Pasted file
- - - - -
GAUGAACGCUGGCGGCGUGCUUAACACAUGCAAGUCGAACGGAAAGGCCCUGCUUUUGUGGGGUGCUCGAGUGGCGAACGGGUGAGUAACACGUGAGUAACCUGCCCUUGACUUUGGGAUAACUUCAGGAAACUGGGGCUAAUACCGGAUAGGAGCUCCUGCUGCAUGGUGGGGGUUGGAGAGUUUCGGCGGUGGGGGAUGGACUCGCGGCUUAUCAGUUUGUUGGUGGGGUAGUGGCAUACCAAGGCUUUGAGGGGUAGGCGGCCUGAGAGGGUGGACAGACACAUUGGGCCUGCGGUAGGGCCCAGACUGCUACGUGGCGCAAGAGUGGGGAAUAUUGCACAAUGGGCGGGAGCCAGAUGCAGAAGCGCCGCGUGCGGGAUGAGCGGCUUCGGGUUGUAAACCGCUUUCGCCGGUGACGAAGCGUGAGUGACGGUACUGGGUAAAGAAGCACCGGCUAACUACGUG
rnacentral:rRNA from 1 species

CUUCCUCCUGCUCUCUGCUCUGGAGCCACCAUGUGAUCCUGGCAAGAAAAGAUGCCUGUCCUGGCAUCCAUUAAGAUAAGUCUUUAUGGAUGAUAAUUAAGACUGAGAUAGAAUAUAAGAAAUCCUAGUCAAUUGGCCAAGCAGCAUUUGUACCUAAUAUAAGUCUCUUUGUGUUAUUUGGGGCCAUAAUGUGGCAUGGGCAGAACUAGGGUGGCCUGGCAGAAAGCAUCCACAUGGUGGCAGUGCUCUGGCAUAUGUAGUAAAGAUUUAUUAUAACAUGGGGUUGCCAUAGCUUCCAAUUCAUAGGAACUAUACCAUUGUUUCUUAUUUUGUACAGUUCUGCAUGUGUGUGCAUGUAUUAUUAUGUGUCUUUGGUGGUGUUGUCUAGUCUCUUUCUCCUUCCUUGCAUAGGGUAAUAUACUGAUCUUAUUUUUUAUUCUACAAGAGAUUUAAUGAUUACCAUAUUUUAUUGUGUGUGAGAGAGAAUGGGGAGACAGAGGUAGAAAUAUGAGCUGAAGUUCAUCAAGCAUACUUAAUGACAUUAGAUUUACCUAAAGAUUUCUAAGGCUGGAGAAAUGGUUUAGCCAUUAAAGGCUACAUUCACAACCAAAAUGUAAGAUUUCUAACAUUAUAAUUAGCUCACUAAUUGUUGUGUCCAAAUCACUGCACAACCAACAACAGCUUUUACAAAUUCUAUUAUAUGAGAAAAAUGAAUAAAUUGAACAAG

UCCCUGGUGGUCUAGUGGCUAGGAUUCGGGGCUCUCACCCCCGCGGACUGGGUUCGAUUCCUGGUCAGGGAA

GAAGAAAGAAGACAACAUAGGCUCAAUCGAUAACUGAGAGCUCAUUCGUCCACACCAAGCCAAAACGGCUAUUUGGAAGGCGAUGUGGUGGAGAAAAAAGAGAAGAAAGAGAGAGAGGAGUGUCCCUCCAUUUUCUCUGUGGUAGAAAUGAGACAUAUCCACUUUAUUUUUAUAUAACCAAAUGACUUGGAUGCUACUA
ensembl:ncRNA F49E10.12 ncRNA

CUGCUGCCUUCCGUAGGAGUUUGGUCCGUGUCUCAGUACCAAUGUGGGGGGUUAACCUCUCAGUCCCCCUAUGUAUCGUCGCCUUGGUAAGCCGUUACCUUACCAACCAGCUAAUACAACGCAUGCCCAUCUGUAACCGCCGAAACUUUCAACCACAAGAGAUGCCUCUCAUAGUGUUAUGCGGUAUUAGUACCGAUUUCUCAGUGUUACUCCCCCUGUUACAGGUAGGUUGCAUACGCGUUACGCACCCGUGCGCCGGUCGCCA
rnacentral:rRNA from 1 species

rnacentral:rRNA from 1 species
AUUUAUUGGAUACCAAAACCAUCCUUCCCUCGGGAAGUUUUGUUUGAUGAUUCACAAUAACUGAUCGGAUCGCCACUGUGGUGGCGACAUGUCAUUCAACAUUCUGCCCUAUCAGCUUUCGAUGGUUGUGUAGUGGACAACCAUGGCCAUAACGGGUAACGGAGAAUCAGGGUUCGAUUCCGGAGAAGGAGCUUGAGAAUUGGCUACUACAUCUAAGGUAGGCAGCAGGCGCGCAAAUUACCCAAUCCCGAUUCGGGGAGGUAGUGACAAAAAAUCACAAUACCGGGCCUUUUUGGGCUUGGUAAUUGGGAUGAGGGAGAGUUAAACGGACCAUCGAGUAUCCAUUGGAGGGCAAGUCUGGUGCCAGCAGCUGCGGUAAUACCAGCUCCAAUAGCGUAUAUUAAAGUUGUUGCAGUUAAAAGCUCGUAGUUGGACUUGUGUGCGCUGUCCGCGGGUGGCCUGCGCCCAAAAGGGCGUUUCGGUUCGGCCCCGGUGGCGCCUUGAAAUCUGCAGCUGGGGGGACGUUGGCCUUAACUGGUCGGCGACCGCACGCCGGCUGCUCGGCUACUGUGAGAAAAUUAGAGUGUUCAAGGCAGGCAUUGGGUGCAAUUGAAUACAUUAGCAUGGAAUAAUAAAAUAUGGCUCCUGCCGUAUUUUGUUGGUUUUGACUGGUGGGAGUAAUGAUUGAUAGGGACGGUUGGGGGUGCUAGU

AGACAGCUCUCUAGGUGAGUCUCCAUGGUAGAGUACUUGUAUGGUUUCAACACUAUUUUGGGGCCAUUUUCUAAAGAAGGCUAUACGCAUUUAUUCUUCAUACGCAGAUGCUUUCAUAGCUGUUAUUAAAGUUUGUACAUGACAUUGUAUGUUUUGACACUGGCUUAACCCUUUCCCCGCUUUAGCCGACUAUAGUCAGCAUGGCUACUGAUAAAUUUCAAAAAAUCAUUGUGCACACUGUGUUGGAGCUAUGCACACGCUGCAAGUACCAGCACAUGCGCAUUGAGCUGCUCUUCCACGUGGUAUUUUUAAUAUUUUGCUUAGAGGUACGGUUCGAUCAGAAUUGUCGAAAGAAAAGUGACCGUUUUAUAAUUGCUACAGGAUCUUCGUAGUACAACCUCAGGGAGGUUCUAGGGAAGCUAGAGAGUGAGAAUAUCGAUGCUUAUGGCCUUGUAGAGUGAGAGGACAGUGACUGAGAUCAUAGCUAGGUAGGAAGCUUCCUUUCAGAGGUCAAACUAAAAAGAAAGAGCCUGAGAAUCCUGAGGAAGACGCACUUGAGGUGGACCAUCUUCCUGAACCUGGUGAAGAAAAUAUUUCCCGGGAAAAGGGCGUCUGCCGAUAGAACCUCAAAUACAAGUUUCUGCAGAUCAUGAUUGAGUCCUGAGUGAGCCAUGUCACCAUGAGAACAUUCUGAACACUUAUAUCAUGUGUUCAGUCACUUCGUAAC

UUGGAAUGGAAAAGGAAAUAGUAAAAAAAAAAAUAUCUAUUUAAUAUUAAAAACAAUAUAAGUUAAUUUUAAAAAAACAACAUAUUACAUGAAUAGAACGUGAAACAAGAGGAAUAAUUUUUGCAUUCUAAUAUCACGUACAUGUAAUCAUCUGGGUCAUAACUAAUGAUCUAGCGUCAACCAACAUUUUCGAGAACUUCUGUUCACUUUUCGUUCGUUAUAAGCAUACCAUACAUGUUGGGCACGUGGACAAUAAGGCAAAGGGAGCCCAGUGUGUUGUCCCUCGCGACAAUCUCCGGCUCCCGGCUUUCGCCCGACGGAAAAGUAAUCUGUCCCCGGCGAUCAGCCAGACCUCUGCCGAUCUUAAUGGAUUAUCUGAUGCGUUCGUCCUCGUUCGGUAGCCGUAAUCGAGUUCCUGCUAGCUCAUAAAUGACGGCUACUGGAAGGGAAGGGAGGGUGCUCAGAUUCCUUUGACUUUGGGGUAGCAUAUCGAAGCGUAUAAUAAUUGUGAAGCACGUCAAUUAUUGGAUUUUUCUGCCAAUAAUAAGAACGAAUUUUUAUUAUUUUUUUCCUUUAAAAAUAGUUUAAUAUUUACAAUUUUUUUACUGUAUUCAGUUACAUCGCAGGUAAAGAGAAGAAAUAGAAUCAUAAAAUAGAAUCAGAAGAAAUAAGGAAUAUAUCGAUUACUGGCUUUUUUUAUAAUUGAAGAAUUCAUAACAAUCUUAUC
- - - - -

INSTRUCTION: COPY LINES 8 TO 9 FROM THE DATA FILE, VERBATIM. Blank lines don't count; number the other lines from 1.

rnacentral:rRNA from 1 species

rnacentral:rRNA from 1 species